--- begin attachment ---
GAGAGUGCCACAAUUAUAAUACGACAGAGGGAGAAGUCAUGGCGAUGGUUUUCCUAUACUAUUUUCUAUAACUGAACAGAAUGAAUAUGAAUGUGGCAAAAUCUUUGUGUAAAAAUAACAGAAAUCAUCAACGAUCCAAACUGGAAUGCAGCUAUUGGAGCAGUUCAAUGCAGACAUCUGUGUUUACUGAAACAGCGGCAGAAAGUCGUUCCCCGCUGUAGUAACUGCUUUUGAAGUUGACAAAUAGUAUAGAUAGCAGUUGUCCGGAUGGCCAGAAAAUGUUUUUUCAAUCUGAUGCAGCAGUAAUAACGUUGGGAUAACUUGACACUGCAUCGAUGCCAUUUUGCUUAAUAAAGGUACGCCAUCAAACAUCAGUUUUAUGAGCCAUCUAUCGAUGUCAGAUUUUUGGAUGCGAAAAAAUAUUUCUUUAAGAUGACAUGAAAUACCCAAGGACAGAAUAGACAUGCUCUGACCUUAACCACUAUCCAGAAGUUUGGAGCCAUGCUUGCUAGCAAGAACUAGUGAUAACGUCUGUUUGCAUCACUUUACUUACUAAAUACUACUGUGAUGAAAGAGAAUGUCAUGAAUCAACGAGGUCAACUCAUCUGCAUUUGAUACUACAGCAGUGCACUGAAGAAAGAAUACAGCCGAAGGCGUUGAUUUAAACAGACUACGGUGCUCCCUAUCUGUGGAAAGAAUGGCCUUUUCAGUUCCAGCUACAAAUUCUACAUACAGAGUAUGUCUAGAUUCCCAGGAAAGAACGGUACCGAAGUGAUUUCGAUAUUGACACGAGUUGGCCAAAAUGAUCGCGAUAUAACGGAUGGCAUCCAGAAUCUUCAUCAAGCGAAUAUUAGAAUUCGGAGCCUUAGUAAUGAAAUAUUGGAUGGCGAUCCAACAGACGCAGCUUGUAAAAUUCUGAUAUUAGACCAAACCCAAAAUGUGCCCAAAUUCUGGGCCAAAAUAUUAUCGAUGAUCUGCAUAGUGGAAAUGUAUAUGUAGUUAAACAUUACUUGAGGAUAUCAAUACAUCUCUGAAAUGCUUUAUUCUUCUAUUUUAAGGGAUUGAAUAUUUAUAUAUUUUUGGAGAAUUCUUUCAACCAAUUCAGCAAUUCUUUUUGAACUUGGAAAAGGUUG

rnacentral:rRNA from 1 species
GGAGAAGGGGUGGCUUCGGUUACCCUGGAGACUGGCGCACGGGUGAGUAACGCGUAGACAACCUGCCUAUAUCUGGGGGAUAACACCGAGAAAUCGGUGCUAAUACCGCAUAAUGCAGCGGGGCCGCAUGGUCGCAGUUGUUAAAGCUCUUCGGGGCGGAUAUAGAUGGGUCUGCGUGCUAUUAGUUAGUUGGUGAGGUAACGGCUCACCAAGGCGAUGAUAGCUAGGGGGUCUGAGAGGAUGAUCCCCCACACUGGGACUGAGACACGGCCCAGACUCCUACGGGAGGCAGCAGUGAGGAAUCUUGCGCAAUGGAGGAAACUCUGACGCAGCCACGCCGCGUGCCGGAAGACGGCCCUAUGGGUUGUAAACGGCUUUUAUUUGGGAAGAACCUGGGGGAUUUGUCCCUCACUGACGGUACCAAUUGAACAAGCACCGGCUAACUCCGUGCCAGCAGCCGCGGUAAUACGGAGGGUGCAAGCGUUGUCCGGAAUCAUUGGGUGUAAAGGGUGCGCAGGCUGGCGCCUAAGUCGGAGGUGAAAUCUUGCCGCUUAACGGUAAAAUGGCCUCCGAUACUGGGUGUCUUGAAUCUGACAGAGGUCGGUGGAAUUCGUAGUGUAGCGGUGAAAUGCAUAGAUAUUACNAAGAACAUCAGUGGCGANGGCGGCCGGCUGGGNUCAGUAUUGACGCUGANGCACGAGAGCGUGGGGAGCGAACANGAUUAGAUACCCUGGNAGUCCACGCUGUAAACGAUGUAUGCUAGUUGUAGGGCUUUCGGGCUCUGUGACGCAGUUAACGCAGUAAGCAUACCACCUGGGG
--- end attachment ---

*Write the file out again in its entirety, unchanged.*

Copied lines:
GAGAGUGCCACAAUUAUAAUACGACAGAGGGAGAAGUCAUGGCGAUGGUUUUCCUAUACUAUUUUCUAUAACUGAACAGAAUGAAUAUGAAUGUGGCAAAAUCUUUGUGUAAAAAUAACAGAAAUCAUCAACGAUCCAAACUGGAAUGCAGCUAUUGGAGCAGUUCAAUGCAGACAUCUGUGUUUACUGAAACAGCGGCAGAAAGUCGUUCCCCGCUGUAGUAACUGCUUUUGAAGUUGACAAAUAGUAUAGAUAGCAGUUGUCCGGAUGGCCAGAAAAUGUUUUUUCAAUCUGAUGCAGCAGUAAUAACGUUGGGAUAACUUGACACUGCAUCGAUGCCAUUUUGCUUAAUAAAGGUACGCCAUCAAACAUCAGUUUUAUGAGCCAUCUAUCGAUGUCAGAUUUUUGGAUGCGAAAAAAUAUUUCUUUAAGAUGACAUGAAAUACCCAAGGACAGAAUAGACAUGCUCUGACCUUAACCACUAUCCAGAAGUUUGGAGCCAUGCUUGCUAGCAAGAACUAGUGAUAACGUCUGUUUGCAUCACUUUACUUACUAAAUACUACUGUGAUGAAAGAGAAUGUCAUGAAUCAACGAGGUCAACUCAUCUGCAUUUGAUACUACAGCAGUGCACUGAAGAAAGAAUACAGCCGAAGGCGUUGAUUUAAACAGACUACGGUGCUCCCUAUCUGUGGAAAGAAUGGCCUUUUCAGUUCCAGCUACAAAUUCUACAUACAGAGUAUGUCUAGAUUCCCAGGAAAGAACGGUACCGAAGUGAUUUCGAUAUUGACACGAGUUGGCCAAAAUGAUCGCGAUAUAACGGAUGGCAUCCAGAAUCUUCAUCAAGCGAAUAUUAGAAUUCGGAGCCUUAGUAAUGAAAUAUUGGAUGGCGAUCCAACAGACGCAGCUUGUAAAAUUCUGAUAUUAGACCAAACCCAAAAUGUGCCCAAAUUCUGGGCCAAAAUAUUAUCGAUGAUCUGCAUAGUGGAAAUGUAUAUGUAGUUAAACAUUACUUGAGGAUAUCAAUACAUCUCUGAAAUGCUUUAUUCUUCUAUUUUAAGGGAUUGAAUAUUUAUAUAUUUUUGGAGAAUUCUUUCAACCAAUUCAGCAAUUCUUUUUGAACUUGGAAAAGGUUG

rnacentral:rRNA from 1 species
GGAGAAGGGGUGGCUUCGGUUACCCUGGAGACUGGCGCACGGGUGAGUAACGCGUAGACAACCUGCCUAUAUCUGGGGGAUAACACCGAGAAAUCGGUGCUAAUACCGCAUAAUGCAGCGGGGCCGCAUGGUCGCAGUUGUUAAAGCUCUUCGGGGCGGAUAUAGAUGGGUCUGCGUGCUAUUAGUUAGUUGGUGAGGUAACGGCUCACCAAGGCGAUGAUAGCUAGGGGGUCUGAGAGGAUGAUCCCCCACACUGGGACUGAGACACGGCCCAGACUCCUACGGGAGGCAGCAGUGAGGAAUCUUGCGCAAUGGAGGAAACUCUGACGCAGCCACGCCGCGUGCCGGAAGACGGCCCUAUGGGUUGUAAACGGCUUUUAUUUGGGAAGAACCUGGGGGAUUUGUCCCUCACUGACGGUACCAAUUGAACAAGCACCGGCUAACUCCGUGCCAGCAGCCGCGGUAAUACGGAGGGUGCAAGCGUUGUCCGGAAUCAUUGGGUGUAAAGGGUGCGCAGGCUGGCGCCUAAGUCGGAGGUGAAAUCUUGCCGCUUAACGGUAAAAUGGCCUCCGAUACUGGGUGUCUUGAAUCUGACAGAGGUCGGUGGAAUUCGUAGUGUAGCGGUGAAAUGCAUAGAUAUUACNAAGAACAUCAGUGGCGANGGCGGCCGGCUGGGNUCAGUAUUGACGCUGANGCACGAGAGCGUGGGGAGCGAACANGAUUAGAUACCCUGGNAGUCCACGCUGUAAACGAUGUAUGCUAGUUGUAGGGCUUUCGGGCUCUGUGACGCAGUUAACGCAGUAAGCAUACCACCUGGGG